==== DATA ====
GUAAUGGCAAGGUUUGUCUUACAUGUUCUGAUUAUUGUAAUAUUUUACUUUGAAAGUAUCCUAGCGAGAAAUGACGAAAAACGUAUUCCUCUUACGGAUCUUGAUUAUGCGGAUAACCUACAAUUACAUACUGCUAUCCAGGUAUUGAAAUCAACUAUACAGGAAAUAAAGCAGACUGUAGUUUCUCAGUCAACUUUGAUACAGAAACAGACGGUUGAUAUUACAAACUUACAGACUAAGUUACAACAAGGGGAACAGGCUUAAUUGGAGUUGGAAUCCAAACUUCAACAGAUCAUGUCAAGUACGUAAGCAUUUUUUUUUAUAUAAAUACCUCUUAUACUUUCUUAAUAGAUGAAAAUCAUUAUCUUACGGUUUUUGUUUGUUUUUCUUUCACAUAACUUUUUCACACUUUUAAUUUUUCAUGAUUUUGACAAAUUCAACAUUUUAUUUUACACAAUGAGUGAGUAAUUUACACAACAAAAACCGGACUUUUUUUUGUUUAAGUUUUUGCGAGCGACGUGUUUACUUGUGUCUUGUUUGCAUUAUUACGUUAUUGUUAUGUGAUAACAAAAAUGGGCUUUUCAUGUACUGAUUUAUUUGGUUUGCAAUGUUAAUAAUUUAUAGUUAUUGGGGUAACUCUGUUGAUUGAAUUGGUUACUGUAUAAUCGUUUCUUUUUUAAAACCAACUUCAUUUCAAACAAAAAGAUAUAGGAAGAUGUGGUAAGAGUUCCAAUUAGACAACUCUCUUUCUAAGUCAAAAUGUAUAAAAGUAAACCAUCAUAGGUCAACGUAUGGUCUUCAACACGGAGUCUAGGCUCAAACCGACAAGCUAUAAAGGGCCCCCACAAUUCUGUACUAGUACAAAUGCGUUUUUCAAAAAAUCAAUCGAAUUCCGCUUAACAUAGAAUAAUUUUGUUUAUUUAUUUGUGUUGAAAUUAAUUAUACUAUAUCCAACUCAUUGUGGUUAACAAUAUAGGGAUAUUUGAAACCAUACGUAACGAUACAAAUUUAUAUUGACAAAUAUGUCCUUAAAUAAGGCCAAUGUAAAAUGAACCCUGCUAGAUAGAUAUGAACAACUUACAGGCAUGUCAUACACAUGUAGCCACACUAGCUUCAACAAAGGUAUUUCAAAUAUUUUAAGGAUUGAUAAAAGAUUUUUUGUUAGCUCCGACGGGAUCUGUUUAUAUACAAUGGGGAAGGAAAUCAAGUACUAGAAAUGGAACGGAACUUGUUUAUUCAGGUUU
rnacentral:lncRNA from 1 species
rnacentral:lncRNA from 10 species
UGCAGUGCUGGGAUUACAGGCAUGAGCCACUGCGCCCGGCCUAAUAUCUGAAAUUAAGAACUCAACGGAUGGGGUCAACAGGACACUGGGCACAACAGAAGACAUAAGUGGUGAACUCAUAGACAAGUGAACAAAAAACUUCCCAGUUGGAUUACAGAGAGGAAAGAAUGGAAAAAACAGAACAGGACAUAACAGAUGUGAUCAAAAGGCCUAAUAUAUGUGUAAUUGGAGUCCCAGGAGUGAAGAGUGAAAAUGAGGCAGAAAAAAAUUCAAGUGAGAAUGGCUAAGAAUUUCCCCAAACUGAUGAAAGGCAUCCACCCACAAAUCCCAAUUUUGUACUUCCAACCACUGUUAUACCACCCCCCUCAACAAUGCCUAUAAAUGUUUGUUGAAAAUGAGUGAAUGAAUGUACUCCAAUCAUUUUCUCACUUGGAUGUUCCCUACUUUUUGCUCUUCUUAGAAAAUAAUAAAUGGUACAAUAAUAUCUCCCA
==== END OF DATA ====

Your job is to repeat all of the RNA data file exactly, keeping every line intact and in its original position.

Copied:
GUAAUGGCAAGGUUUGUCUUACAUGUUCUGAUUAUUGUAAUAUUUUACUUUGAAAGUAUCCUAGCGAGAAAUGACGAAAAACGUAUUCCUCUUACGGAUCUUGAUUAUGCGGAUAACCUACAAUUACAUACUGCUAUCCAGGUAUUGAAAUCAACUAUACAGGAAAUAAAGCAGACUGUAGUUUCUCAGUCAACUUUGAUACAGAAACAGACGGUUGAUAUUACAAACUUACAGACUAAGUUACAACAAGGGGAACAGGCUUAAUUGGAGUUGGAAUCCAAACUUCAACAGAUCAUGUCAAGUACGUAAGCAUUUUUUUUUAUAUAAAUACCUCUUAUACUUUCUUAAUAGAUGAAAAUCAUUAUCUUACGGUUUUUGUUUGUUUUUCUUUCACAUAACUUUUUCACACUUUUAAUUUUUCAUGAUUUUGACAAAUUCAACAUUUUAUUUUACACAAUGAGUGAGUAAUUUACACAACAAAAACCGGACUUUUUUUUGUUUAAGUUUUUGCGAGCGACGUGUUUACUUGUGUCUUGUUUGCAUUAUUACGUUAUUGUUAUGUGAUAACAAAAAUGGGCUUUUCAUGUACUGAUUUAUUUGGUUUGCAAUGUUAAUAAUUUAUAGUUAUUGGGGUAACUCUGUUGAUUGAAUUGGUUACUGUAUAAUCGUUUCUUUUUUAAAACCAACUUCAUUUCAAACAAAAAGAUAUAGGAAGAUGUGGUAAGAGUUCCAAUUAGACAACUCUCUUUCUAAGUCAAAAUGUAUAAAAGUAAACCAUCAUAGGUCAACGUAUGGUCUUCAACACGGAGUCUAGGCUCAAACCGACAAGCUAUAAAGGGCCCCCACAAUUCUGUACUAGUACAAAUGCGUUUUUCAAAAAAUCAAUCGAAUUCCGCUUAACAUAGAAUAAUUUUGUUUAUUUAUUUGUGUUGAAAUUAAUUAUACUAUAUCCAACUCAUUGUGGUUAACAAUAUAGGGAUAUUUGAAACCAUACGUAACGAUACAAAUUUAUAUUGACAAAUAUGUCCUUAAAUAAGGCCAAUGUAAAAUGAACCCUGCUAGAUAGAUAUGAACAACUUACAGGCAUGUCAUACACAUGUAGCCACACUAGCUUCAACAAAGGUAUUUCAAAUAUUUUAAGGAUUGAUAAAAGAUUUUUUGUUAGCUCCGACGGGAUCUGUUUAUAUACAAUGGGGAAGGAAAUCAAGUACUAGAAAUGGAACGGAACUUGUUUAUUCAGGUUU
rnacentral:lncRNA from 1 species
rnacentral:lncRNA from 10 species
UGCAGUGCUGGGAUUACAGGCAUGAGCCACUGCGCCCGGCCUAAUAUCUGAAAUUAAGAACUCAACGGAUGGGGUCAACAGGACACUGGGCACAACAGAAGACAUAAGUGGUGAACUCAUAGACAAGUGAACAAAAAACUUCCCAGUUGGAUUACAGAGAGGAAAGAAUGGAAAAAACAGAACAGGACAUAACAGAUGUGAUCAAAAGGCCUAAUAUAUGUGUAAUUGGAGUCCCAGGAGUGAAGAGUGAAAAUGAGGCAGAAAAAAAUUCAAGUGAGAAUGGCUAAGAAUUUCCCCAAACUGAUGAAAGGCAUCCACCCACAAAUCCCAAUUUUGUACUUCCAACCACUGUUAUACCACCCCCCUCAACAAUGCCUAUAAAUGUUUGUUGAAAAUGAGUGAAUGAAUGUACUCCAAUCAUUUUCUCACUUGGAUGUUCCCUACUUUUUGCUCUUCUUAGAAAAUAAUAAAUGGUACAAUAAUAUCUCCCA